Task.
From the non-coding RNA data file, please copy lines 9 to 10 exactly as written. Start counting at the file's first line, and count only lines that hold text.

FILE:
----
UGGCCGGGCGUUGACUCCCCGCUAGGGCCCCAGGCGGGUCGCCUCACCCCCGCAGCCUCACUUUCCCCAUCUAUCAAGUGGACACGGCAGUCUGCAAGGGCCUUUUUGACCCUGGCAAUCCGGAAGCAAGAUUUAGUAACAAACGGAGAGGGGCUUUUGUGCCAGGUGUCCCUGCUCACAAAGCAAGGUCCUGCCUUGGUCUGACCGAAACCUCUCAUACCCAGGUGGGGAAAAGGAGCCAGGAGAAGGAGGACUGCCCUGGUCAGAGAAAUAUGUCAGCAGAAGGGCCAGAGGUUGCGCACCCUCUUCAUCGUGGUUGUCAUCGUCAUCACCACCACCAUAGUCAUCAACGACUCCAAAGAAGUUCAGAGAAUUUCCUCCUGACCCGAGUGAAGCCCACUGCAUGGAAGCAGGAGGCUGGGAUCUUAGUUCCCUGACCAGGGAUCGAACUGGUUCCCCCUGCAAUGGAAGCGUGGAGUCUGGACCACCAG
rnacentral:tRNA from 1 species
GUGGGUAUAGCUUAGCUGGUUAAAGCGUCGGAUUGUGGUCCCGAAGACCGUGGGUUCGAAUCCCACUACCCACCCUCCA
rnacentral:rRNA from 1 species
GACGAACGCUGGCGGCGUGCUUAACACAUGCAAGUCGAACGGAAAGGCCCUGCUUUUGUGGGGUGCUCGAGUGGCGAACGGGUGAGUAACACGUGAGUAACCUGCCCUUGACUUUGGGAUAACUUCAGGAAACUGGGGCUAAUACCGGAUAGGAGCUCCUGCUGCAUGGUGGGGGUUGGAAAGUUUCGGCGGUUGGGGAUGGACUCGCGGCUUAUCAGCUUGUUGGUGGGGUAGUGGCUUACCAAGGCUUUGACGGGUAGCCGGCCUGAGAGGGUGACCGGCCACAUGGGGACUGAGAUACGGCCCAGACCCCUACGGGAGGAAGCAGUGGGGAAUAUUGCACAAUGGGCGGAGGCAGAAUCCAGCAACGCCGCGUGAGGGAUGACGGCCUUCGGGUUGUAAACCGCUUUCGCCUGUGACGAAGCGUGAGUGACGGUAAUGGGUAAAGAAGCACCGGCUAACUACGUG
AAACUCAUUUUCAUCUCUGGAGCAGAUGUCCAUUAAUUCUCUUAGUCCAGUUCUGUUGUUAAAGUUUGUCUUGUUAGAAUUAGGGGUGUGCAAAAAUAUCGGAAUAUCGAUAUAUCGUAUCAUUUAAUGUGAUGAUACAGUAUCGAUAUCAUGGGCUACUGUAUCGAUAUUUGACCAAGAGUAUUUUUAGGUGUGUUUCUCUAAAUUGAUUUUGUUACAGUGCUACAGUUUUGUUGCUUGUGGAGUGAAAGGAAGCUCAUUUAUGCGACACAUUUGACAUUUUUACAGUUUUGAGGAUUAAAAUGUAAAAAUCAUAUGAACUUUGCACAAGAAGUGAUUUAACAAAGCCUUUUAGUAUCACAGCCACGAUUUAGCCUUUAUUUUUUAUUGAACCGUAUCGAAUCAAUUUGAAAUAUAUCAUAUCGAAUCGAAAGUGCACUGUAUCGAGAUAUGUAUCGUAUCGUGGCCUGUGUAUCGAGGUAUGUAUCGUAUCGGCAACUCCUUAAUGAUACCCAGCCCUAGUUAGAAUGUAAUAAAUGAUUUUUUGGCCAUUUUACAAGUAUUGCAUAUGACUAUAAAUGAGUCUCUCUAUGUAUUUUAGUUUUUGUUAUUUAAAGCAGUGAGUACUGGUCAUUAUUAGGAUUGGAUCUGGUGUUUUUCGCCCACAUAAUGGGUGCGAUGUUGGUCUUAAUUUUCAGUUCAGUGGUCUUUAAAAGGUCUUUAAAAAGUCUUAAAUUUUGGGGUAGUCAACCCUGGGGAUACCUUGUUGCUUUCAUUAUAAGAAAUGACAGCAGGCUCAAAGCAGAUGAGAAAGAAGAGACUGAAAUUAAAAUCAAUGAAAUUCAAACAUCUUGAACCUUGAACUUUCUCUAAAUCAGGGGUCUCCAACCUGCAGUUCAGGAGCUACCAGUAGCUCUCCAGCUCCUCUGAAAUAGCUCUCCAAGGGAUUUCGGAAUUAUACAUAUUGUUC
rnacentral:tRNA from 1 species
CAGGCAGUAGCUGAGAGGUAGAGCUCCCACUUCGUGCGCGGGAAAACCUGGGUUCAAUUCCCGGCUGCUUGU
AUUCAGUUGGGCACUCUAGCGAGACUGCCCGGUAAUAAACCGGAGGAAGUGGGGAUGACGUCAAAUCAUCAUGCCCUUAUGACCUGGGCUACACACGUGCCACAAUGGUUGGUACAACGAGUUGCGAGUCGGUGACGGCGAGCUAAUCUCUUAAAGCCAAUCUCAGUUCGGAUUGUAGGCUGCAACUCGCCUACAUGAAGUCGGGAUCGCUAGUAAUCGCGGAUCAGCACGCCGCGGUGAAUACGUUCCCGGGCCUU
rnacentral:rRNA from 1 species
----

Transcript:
AUUCAGUUGGGCACUCUAGCGAGACUGCCCGGUAAUAAACCGGAGGAAGUGGGGAUGACGUCAAAUCAUCAUGCCCUUAUGACCUGGGCUACACACGUGCCACAAUGGUUGGUACAACGAGUUGCGAGUCGGUGACGGCGAGCUAAUCUCUUAAAGCCAAUCUCAGUUCGGAUUGUAGGCUGCAACUCGCCUACAUGAAGUCGGGAUCGCUAGUAAUCGCGGAUCAGCACGCCGCGGUGAAUACGUUCCCGGGCCUU
rnacentral:rRNA from 1 species